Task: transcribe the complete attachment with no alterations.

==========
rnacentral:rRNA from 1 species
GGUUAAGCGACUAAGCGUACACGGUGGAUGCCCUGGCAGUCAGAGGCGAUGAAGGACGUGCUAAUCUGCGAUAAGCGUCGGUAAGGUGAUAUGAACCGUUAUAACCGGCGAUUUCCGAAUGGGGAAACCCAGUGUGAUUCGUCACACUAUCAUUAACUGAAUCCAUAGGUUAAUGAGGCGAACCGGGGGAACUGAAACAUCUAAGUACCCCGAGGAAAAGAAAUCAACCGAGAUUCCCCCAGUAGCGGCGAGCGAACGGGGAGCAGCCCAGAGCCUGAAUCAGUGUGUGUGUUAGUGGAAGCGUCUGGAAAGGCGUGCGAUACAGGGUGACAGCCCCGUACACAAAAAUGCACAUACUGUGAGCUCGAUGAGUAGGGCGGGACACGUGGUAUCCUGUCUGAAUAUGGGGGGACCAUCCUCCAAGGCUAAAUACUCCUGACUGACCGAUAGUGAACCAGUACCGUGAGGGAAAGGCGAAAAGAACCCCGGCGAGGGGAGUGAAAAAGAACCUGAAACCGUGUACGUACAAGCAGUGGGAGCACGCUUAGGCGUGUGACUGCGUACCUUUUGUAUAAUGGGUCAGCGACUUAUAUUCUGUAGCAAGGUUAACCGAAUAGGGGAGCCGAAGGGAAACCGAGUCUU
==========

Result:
rnacentral:rRNA from 1 species
GGUUAAGCGACUAAGCGUACACGGUGGAUGCCCUGGCAGUCAGAGGCGAUGAAGGACGUGCUAAUCUGCGAUAAGCGUCGGUAAGGUGAUAUGAACCGUUAUAACCGGCGAUUUCCGAAUGGGGAAACCCAGUGUGAUUCGUCACACUAUCAUUAACUGAAUCCAUAGGUUAAUGAGGCGAACCGGGGGAACUGAAACAUCUAAGUACCCCGAGGAAAAGAAAUCAACCGAGAUUCCCCCAGUAGCGGCGAGCGAACGGGGAGCAGCCCAGAGCCUGAAUCAGUGUGUGUGUUAGUGGAAGCGUCUGGAAAGGCGUGCGAUACAGGGUGACAGCCCCGUACACAAAAAUGCACAUACUGUGAGCUCGAUGAGUAGGGCGGGACACGUGGUAUCCUGUCUGAAUAUGGGGGGACCAUCCUCCAAGGCUAAAUACUCCUGACUGACCGAUAGUGAACCAGUACCGUGAGGGAAAGGCGAAAAGAACCCCGGCGAGGGGAGUGAAAAAGAACCUGAAACCGUGUACGUACAAGCAGUGGGAGCACGCUUAGGCGUGUGACUGCGUACCUUUUGUAUAAUGGGUCAGCGACUUAUAUUCUGUAGCAAGGUUAACCGAAUAGGGGAGCCGAAGGGAAACCGAGUCUU